Terrie's Job Tips -- Space Planning for Employees, Part IV: Recruiting Considerations

At first glance, this week’s title may sound a bit incongruous – what does recruiting have to do with space planning? Well, depending on who you talk to, there are many who say that a spacious, modern, and conveniently located office is a great recruiting tool, and that the extra cost incurred in having such an office needs to be offset against the performance benefits of getting better people.

Personally I’ve always found this connection a bit of a stretch, and that good staff are more motivated by salary and a strong company identity (particularly a recognizable brand). But I have to admit that a certain proportion of employees are indeed willing to offset higher wages against the prestige of working in a nice office. Without being too specific, I find that younger people care more about a modern and spacious office, while older employees value convenience, i.e., proximity to the station and/or to home.

These days in Tokyo, outside of going to a really high-end building, a good B-class office near the station is going to cost you around JPY 45,000/tsubo (3.3 m²) and you can calculate a spacious interior at around 3 tsubo per person. This means that a typical 50 tsubo floor plan can accommodate around 12-15 people, two meeting rooms, and a good-sized reception space. This is the typical size and configuration requested by hedge funds, software company representative offices, and government representative offices. Not the absolute high end – but good enough to be impressive.

So, while you will pay JPY 2.25 million for a convenient location and modern-looking office, by moving a bit further out from the station (10 minutes or more) and taking a lower-end B-grade building, you can get the same amount of space for around JPY 1.25 million or less per month. That's quite a big difference, and the question is whether the extra JPY 1 million a month for rent is worth the perceived gains of a better recruiting flow?

To answer that, I guess it depends who you ask. Interestingly, I did some training with the employees of one of my companies last year, and in the course, one of the goals the Japanese staff had set for themselves was relocating to a nicer office once they got the profit margins up. So for them a nice office is just as important as higher salaries.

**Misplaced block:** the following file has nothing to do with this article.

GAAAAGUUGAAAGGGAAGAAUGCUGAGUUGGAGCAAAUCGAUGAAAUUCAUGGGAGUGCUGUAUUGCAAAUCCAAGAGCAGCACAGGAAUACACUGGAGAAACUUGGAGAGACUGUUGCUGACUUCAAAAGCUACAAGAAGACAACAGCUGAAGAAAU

This being the case, changing offices may make a difference. A situation where I can personally see an office move having effect is where you might already be in business rather than just starting up, and the staff are stale – thus causing employee retention problems. Coupling a comprehensive employee team-training program with a move to a nicer building might provide the catalyst you need to re-motivate your employees. Certainly I have done it before, with good effect.

But a pragmatic boss will be thinking not only of the rent but also the other costs of having an attractive office. It pays to remember that landlords of high-end buildings demand larger deposits. Nowadays it is normal again to be paying 12 months of deposit on a good building – which can tie up JPY 27 million in long-term deposits for the JPY 2.25 million per month rental we mentioned before, versus JPY 7.5-15 million for the B-grade building further from the station. Then of course there is the cost of western-size furniture, walls, fittings, etc.

Perhaps a more relevant question to ask than whether high-end offices pull better quality recruits is whether or not you should be looking at basing your office in Tokyo at all. While most smaller firms do better when they are located in a single room with a single leader, larger firms of 50+ employees can still thrive if they split up their operations. The idea is to keep sales close to the customers, which typically means within the city center, while operations can be located in a more distant suburb.

As the CEO it may sound counterintuitive to do this, especially if you’re still ramping up sales. But you probably need to ask yourself, at what time should you cut the umbilical cord? If you’ve done a good job at training new managers who are loyal to the company, then they may actually do better if they are given the responsibility for their part of the business. And for a trial period, you can still attend both offices – although this can be disruptive, especially if you’ve been very “hands on.” The other thing is, that if you have a good, proactive distributor, then you really only need one good manager for the sales office to keep it functioning properly. However, in a direct sales team, strong leadership is needed, and the CEO should be there – or a very talented VP of sales.

Technical and back office employees can quite easily be accommodated in an outlying suburb. Indeed, for many engineering companies, being in a slightly “remote” suburb of a large city can be a great retention tool. Over time as good employees age and have families, they tend to look for homes close to their office. Thus, a technical or supply center in Kanagawa, Saitama, or Chiba (sorry about being so Tokyo-centric) can provide employees with the attractive option of not having to commute and also being able to buy a nicer house for less money than if they lived closer to the center.